Japan and South Korea will on Thursday hold their first high-level strategic dialogue since both countries elected new leaders, as they look to repair frayed ties.
Japanese vice minister for foreign affairs Chikao Kawai and South Korea's first vice foreign minister Ahn Ho-Young will huddle in Tokyo for the 12th meeting of its kind since the two nations launched the framework in 2005.
The afternoon meeting will be the first one under Japanese Prime Minister Shinzo Abe and South Korean President-elect Park Geun-Hye, as they attempt to improve relations soured by a territorial dispute.
The two diplomats were expected to discuss issues such as ways to deal with North Korea in the wake of a rocket launch widely believed to be missile test.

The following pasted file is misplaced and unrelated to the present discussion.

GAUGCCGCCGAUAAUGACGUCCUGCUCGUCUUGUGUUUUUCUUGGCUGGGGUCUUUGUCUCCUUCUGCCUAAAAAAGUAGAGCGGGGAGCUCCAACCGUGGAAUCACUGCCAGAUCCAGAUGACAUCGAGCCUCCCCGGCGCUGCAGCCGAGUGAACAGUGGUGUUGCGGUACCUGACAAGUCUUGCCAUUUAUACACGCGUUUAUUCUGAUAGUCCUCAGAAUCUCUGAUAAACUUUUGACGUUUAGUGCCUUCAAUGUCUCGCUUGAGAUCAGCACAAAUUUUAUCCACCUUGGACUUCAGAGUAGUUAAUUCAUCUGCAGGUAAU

Ties between the two US allies deteriorated last year after outgoing South Korean President Lee Myung-Bak made the first presidential visit to tiny disputed islands known as Dokdo in Korea and Takeshima in Japan.
The visit sent ties into a tailspin and reawakened historical animosities related to Japan's 1910-45 colonial rule and over Korean women who were forced to serve as sex slaves for Japanese soldiers.
Abe, who took office in late December, and Park, who is set to take office next month, appear to be trying to reset relations, with an envoy from the Japanese prime minister already having visited Seoul.
Abe's first foreign guest since his swearing in was a close aide to Park, Hwang Woo-Yea, chairman of South Korea's ruling Saenuri Party, whom he met Wednesday alongside other members of the Korea-Japan Parliamentarians' Union.
In the meeting, Abe said Japan and South Korea share basic values and are the most important neighbours to each other.
Park last week called for future-oriented "reconciliation and cooperation" with Japan.